As recession warnings flashed from the bond market, Wall Street plummeted lower overnight. The Dow closed down 800 points whilst the Nasdaq and the S&P tumbled 3% and 2.9% respectively. Asian markets followed US equity indices lower.

An inversion of the 2-year treasury yield with the 10 year yield for the first time since 2007 injected fear across the financial markets. The yield curve inversion is considered to be a warning shot for a recession. Investors are nervous because the inversion of these yield curves has accurately predicted each of the previous 7 recessions, including the Great Recession. Investors responded by dumping riskier assets, such as equities, instead moving their money into safer havens such as the Japanese yen and gold. Oil also fell sharply. European and US futures are pointing to a mixed start on the opening bell on Thursday.

It is important to note that whilst an inverted yield preceded every recession, not every yield curve inversion leads to a recession. That said given the US – Sino trade dispute, Brexit, political unrest in Hong Kong and political instability in Italy, investors have plenty to worry about.

If a recession is coming it could still be a good 18 months away This makes President Trump’s tweet attacking the Federal Reserve as stocks tanked more understandable. Of course, Trump wants lower rates, a recession around the time of the US Presidential elections is a sure way to lose the race.


Will US retail sales restore confidence?

The dollar closed the previous session higher thanks to its safe haven appeal, despite Trump’s attack on the Fed. Attention will fall to US retail sales this afternoon for further clues over the health of the US economy. Expectations are for a steady 0.3% growth in retail sales month on month in July. A stronger reading could help repair frayed nerves boosting the dollar and the US stock indices. However given the heightened fears of recession, a weak reading could spark another sell off.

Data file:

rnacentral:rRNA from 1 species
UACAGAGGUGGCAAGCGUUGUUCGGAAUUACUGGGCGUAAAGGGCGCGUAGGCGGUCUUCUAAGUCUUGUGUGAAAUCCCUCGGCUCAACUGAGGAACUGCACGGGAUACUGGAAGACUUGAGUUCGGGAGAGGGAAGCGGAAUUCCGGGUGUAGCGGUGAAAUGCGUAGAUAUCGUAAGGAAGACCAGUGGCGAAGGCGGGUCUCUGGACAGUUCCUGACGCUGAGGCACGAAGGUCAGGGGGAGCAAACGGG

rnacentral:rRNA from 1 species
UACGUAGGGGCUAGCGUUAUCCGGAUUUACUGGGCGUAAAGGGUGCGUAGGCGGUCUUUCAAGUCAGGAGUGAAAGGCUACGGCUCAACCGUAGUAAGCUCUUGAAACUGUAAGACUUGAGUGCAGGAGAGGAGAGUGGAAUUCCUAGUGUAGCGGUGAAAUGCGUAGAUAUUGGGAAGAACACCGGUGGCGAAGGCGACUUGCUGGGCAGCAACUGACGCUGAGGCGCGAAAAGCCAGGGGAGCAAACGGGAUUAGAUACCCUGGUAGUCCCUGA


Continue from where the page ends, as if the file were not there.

Pound traders to shrug off retail sales as well?

Pound traders will also be looking towards UK retail sales data. Expectations are for a -0.2% decline month on month in July, down from 0.9% previously. The data comes after figures earlier in the week showed that UK wages grew at the fastest pace in 11 year and after inflation unexpectedly pushed back above the BoE’s 2% target. Yet despite these encouraging readings the pound continues to hover around $1.2050. Clearly Brexit is all that really matters to pound traders right now. With this in mind a stronger than forecast reading could see a limited reaction.

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